The Art of Travel by Alain de Botton

View from this book:

Who doesn’t love to read odes to traveling while actually traveling?  I went to Mexico with my family for Christmas break last year, and read this while on the beach.

Camping on a beautiful beach in Baja - is there any better place to read?

Camping on a beautiful beach in Baja – is there any better place to crack open a good book?

The book:

Beautiful, poetic, quotable in its entirety, this book is well worth reading, especially while lying on a beach in Mexico.  However, it very carefully outlines all of the selfish reasons why we travel (“On the Exotic,” “On Eye-Opening Art,” etc.) but completely ignores cross-cultural connections, or discoveries about modern-day societies, or humanitarian urges, or changes in our own lives prompted by reflections on others’, or any other real reason for travel.  Du Button’s well-crafted essays speak to all of the personal journeys we can make, but he ignores all of the beautiful things that can happen between people when someone travels across cultures: travel can make us more tolerant of others, make us understand better how the world works, encourage us to make a difference in the world, help us see how the other half (or is it the other 99%?) lives and see elements of those lifestyles and cultures that we can incorporate into our own.  De Botton, please keep on writing, because your ode to travel was magnificent and I agreed with every silver word that dripped from your brain to the page, but you stopped far too short of the ultimate goal.  8 out of 10.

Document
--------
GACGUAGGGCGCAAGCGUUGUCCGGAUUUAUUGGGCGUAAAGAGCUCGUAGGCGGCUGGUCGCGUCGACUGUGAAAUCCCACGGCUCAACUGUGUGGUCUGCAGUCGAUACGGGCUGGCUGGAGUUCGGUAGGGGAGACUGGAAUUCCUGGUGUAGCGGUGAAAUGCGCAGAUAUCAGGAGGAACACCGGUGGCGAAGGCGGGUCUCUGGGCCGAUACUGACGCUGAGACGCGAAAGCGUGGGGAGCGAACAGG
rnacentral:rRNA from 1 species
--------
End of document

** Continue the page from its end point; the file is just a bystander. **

The Art of Travel


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